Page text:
Our first show was Running in Place, written by Hasnain Shaikh and directed by Isabella. Our second full production was On How To Be A Monster, written by Maria and directed by Federica Borlenghi. In between the two productions, we organized two staged readings: one of Maria’s play, directed by Patricia Marjorie and another of Isabella’s play, Lolique, directed by Ana. We are very interested in giving opportunities to women and internationals! We think that what sets us apart is exactly that. Our mission is to create an accepting community that inspires artists to create beyond their comfort zones and collide with an array of international voices that may be culturally unfamiliar.

The thing we are most proud of as a company is not a project per se, but our willingness to explore and take on challenging work. The word “no” is not in our vocabulary. We are open to all sorts of ideas and collaborations and we have been good at making things happen; things that might have sounded impossible or things for which we had a very short period of time. We are a company of dreamers and we are making those dreams come true. And we are all about new work! We want to read new scripts written by new writers and we often encourage artists to step into a role they have never had experience in but are drawn to. For example, Ana directed for the first time one of our staged readings. Maria wrote to her play and more! All of this is extremely thrilling.

Is there a characteristic or quality that you feel is essential to success?
Many essential characteristics comprise a successful company, so it is difficult to choose one. But we would say the most important ones are perseverance and willingness to say “yes” to every challenge. There have been so many obstacles in our way, but instead of giving up on a project, we continued. For example, we only had three weeks to put up our most recent show, On How To Be A Monster, which has a cast of 9. Looking at everyone’s schedule, we thought it was going to be impossible to rehearse. But we finally made a rehearsal schedule. Soon after, one of our actors had to drop out, so we had to recast him! Then, it was so difficult to find time for tech.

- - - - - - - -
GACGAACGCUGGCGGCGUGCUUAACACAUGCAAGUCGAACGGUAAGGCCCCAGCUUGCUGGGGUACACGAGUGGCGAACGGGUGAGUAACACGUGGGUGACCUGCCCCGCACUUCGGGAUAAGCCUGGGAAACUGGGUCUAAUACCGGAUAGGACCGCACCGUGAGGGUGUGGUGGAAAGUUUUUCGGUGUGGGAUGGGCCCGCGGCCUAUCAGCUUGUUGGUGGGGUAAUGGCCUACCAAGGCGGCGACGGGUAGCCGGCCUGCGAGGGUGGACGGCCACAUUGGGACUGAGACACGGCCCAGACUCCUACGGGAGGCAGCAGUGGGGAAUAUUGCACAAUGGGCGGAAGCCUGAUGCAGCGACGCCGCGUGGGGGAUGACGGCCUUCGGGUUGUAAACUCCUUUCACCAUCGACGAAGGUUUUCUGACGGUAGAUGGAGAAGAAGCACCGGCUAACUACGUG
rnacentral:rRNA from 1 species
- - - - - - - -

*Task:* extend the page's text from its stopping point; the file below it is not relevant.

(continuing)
We thought we weren’t going to have a tech at all – which is disastrous for a show. But we finally figured out a date and time – the day before the show from 8-10 AM and then from 11 PM-1 AM. It was exhausting, but we did it. We also didn’t have a big budget for the show, so it was challenging. Most of the money went to one particular costume because without it, the show wouldn’t have made sense. So, since we were out of money, we had to source props and other costumes. It felt like such a battle. But we persevered and in the end, when the show was done and the reviews came out, it was so worth it!

Similarly, had we not said “yes” to the new roles this company almost “forced” us to take on, we would not have been able to get the company to where it is now. There have been many times when we were faced with things that we had no idea how to handle, but we opened our arms and said, “Come on challenge. I am saying yes to you!”

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Image Credit:

Pranav Kothary